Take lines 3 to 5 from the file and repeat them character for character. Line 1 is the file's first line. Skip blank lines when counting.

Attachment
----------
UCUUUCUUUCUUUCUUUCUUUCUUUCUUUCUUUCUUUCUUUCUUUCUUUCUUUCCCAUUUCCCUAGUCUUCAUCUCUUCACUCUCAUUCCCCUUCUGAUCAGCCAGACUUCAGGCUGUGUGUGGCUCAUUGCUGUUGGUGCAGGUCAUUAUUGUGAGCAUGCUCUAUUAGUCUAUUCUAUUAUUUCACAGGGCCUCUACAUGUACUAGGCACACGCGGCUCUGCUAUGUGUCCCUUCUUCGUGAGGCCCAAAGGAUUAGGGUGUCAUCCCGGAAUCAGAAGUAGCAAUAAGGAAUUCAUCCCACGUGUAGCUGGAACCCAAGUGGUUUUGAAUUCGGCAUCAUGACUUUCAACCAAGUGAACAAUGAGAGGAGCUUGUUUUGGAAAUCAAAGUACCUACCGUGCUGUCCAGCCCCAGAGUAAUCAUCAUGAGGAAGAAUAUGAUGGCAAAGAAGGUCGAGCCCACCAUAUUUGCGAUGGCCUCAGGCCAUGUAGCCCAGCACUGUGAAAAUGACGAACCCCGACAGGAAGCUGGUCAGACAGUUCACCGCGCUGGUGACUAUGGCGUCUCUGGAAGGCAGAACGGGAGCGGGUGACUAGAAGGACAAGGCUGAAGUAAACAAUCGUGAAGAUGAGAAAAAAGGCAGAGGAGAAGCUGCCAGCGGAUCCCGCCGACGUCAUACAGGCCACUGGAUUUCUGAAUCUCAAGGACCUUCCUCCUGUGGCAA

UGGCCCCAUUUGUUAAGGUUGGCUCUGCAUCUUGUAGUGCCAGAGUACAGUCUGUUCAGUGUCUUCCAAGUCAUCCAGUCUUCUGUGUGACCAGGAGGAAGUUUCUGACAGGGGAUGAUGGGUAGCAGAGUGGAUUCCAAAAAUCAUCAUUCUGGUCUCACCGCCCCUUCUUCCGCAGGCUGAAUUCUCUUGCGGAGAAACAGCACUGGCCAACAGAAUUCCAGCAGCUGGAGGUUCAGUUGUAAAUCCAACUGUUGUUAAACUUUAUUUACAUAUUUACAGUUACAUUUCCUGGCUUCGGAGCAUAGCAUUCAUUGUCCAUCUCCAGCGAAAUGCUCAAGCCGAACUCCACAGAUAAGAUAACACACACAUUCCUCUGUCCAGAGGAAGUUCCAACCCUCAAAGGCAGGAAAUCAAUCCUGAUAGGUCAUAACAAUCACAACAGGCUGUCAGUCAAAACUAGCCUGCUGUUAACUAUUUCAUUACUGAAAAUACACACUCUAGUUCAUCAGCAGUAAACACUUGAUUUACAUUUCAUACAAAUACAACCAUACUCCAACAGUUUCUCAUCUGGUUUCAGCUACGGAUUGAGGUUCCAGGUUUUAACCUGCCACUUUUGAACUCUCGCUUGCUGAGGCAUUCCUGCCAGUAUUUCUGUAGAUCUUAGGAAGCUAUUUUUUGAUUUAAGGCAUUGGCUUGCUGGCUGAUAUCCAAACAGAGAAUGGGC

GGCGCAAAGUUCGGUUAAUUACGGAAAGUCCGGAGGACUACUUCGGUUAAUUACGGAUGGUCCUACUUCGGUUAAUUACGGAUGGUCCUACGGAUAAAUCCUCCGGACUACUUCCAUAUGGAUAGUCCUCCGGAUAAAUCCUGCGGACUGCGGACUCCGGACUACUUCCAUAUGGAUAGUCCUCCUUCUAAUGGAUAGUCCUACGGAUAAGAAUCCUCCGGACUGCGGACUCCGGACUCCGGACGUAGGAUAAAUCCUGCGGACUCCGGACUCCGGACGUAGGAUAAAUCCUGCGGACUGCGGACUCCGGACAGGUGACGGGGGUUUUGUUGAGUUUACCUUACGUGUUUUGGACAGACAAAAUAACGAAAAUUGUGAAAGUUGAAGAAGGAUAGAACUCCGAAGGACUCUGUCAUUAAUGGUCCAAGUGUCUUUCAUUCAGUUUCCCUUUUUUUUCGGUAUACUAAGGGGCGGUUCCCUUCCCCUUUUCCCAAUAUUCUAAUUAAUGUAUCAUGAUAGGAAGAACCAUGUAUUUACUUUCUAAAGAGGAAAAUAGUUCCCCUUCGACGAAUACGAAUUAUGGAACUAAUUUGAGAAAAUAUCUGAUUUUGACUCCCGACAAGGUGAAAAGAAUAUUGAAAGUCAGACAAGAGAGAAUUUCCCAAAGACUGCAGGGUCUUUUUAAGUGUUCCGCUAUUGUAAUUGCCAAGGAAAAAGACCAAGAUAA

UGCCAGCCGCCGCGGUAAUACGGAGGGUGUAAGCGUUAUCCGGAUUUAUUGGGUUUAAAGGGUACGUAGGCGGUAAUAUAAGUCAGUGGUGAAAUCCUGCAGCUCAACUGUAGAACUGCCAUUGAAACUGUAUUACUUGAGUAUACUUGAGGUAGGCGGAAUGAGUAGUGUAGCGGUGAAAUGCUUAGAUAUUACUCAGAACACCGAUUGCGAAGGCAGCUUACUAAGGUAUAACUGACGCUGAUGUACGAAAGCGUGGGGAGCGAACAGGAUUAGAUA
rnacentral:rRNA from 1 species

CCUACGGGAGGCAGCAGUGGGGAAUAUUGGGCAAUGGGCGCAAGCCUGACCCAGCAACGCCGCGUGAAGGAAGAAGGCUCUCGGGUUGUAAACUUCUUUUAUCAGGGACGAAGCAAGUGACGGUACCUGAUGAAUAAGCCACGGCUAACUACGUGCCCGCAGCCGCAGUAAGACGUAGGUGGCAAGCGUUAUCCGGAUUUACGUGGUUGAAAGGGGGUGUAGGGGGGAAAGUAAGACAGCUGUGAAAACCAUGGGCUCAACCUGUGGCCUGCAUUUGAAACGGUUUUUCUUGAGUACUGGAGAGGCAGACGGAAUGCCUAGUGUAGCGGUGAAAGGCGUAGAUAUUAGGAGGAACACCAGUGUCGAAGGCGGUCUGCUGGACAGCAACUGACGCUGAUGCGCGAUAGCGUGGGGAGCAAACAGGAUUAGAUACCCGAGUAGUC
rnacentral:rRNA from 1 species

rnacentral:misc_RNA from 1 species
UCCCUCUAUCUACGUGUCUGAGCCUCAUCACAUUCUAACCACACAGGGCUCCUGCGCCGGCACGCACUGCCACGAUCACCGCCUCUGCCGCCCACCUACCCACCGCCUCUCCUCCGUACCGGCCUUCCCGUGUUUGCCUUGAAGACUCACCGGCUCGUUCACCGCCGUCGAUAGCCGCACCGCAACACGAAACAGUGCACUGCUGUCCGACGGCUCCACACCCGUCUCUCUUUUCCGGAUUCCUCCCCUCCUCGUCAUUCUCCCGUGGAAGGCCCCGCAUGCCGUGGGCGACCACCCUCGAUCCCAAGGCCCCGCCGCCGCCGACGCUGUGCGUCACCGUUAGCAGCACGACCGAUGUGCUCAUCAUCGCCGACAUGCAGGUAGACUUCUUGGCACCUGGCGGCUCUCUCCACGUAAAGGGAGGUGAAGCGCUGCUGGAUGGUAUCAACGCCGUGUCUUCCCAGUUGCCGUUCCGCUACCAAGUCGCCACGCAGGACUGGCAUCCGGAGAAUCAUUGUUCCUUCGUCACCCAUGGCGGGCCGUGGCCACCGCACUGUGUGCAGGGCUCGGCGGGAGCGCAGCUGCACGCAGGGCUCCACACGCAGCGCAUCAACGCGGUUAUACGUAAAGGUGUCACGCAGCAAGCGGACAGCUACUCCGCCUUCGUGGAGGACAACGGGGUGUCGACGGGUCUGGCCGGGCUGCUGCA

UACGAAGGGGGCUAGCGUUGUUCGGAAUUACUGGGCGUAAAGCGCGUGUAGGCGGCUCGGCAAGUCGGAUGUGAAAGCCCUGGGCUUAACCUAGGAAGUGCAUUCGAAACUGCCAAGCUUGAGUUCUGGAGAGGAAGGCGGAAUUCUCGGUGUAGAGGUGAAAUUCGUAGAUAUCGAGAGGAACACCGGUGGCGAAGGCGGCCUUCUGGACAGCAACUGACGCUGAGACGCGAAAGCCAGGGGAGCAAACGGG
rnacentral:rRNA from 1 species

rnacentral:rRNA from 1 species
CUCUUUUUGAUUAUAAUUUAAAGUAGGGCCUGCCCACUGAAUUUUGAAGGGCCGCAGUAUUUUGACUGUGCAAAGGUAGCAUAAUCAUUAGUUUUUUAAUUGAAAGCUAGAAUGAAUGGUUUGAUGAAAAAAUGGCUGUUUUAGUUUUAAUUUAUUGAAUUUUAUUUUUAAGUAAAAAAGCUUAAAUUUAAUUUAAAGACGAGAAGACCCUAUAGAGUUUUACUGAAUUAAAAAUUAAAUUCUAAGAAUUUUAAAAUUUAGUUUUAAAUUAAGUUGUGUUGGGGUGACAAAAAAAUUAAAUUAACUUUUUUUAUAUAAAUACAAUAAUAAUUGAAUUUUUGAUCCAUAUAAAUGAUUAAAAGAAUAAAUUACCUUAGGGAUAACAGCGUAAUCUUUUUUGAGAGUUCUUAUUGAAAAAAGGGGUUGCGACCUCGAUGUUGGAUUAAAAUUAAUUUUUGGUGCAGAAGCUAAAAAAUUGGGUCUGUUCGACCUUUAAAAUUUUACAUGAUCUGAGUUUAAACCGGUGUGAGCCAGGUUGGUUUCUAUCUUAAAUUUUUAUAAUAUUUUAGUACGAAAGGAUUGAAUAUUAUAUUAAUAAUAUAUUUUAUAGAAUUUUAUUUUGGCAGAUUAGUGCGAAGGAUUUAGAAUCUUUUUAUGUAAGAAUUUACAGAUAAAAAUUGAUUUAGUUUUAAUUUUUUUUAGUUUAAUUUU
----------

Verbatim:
GGCGCAAAGUUCGGUUAAUUACGGAAAGUCCGGAGGACUACUUCGGUUAAUUACGGAUGGUCCUACUUCGGUUAAUUACGGAUGGUCCUACGGAUAAAUCCUCCGGACUACUUCCAUAUGGAUAGUCCUCCGGAUAAAUCCUGCGGACUGCGGACUCCGGACUACUUCCAUAUGGAUAGUCCUCCUUCUAAUGGAUAGUCCUACGGAUAAGAAUCCUCCGGACUGCGGACUCCGGACUCCGGACGUAGGAUAAAUCCUGCGGACUCCGGACUCCGGACGUAGGAUAAAUCCUGCGGACUGCGGACUCCGGACAGGUGACGGGGGUUUUGUUGAGUUUACCUUACGUGUUUUGGACAGACAAAAUAACGAAAAUUGUGAAAGUUGAAGAAGGAUAGAACUCCGAAGGACUCUGUCAUUAAUGGUCCAAGUGUCUUUCAUUCAGUUUCCCUUUUUUUUCGGUAUACUAAGGGGCGGUUCCCUUCCCCUUUUCCCAAUAUUCUAAUUAAUGUAUCAUGAUAGGAAGAACCAUGUAUUUACUUUCUAAAGAGGAAAAUAGUUCCCCUUCGACGAAUACGAAUUAUGGAACUAAUUUGAGAAAAUAUCUGAUUUUGACUCCCGACAAGGUGAAAAGAAUAUUGAAAGUCAGACAAGAGAGAAUUUCCCAAAGACUGCAGGGUCUUUUUAAGUGUUCCGCUAUUGUAAUUGCCAAGGAAAAAGACCAAGAUAA

UGCCAGCCGCCGCGGUAAUACGGAGGGUGUAAGCGUUAUCCGGAUUUAUUGGGUUUAAAGGGUACGUAGGCGGUAAUAUAAGUCAGUGGUGAAAUCCUGCAGCUCAACUGUAGAACUGCCAUUGAAACUGUAUUACUUGAGUAUACUUGAGGUAGGCGGAAUGAGUAGUGUAGCGGUGAAAUGCUUAGAUAUUACUCAGAACACCGAUUGCGAAGGCAGCUUACUAAGGUAUAACUGACGCUGAUGUACGAAAGCGUGGGGAGCGAACAGGAUUAGAUA
rnacentral:rRNA from 1 species